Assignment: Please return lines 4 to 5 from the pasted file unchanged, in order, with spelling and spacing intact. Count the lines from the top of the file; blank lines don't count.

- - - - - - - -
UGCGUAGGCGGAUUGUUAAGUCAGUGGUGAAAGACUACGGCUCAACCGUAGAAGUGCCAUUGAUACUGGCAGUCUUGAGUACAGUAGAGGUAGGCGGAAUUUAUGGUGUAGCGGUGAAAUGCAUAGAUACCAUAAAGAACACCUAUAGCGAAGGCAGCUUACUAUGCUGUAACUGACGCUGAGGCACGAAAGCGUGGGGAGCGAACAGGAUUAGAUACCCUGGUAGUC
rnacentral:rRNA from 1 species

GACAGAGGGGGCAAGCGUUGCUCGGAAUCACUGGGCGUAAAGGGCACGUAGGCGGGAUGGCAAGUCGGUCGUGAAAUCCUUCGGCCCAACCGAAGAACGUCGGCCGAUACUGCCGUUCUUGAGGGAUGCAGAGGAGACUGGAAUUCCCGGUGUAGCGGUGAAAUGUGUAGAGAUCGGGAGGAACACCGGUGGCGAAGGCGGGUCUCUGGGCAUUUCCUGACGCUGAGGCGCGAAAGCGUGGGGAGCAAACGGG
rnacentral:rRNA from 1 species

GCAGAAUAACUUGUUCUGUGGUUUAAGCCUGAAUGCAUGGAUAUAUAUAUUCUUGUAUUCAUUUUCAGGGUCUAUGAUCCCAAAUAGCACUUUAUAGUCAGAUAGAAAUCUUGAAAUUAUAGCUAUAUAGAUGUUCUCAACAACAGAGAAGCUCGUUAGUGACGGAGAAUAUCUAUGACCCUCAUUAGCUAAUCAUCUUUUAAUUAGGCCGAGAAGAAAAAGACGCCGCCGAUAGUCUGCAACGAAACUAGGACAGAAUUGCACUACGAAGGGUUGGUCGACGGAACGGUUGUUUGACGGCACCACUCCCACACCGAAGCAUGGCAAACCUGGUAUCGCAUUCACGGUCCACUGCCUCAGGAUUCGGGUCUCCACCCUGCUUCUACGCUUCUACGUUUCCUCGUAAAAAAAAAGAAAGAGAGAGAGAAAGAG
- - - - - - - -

rnacentral:rRNA from 1 species

GCAGAAUAACUUGUUCUGUGGUUUAAGCCUGAAUGCAUGGAUAUAUAUAUUCUUGUAUUCAUUUUCAGGGUCUAUGAUCCCAAAUAGCACUUUAUAGUCAGAUAGAAAUCUUGAAAUUAUAGCUAUAUAGAUGUUCUCAACAACAGAGAAGCUCGUUAGUGACGGAGAAUAUCUAUGACCCUCAUUAGCUAAUCAUCUUUUAAUUAGGCCGAGAAGAAAAAGACGCCGCCGAUAGUCUGCAACGAAACUAGGACAGAAUUGCACUACGAAGGGUUGGUCGACGGAACGGUUGUUUGACGGCACCACUCCCACACCGAAGCAUGGCAAACCUGGUAUCGCAUUCACGGUCCACUGCCUCAGGAUUCGGGUCUCCACCCUGCUUCUACGCUUCUACGUUUCCUCGUAAAAAAAAAGAAAGAGAGAGAGAAAGAG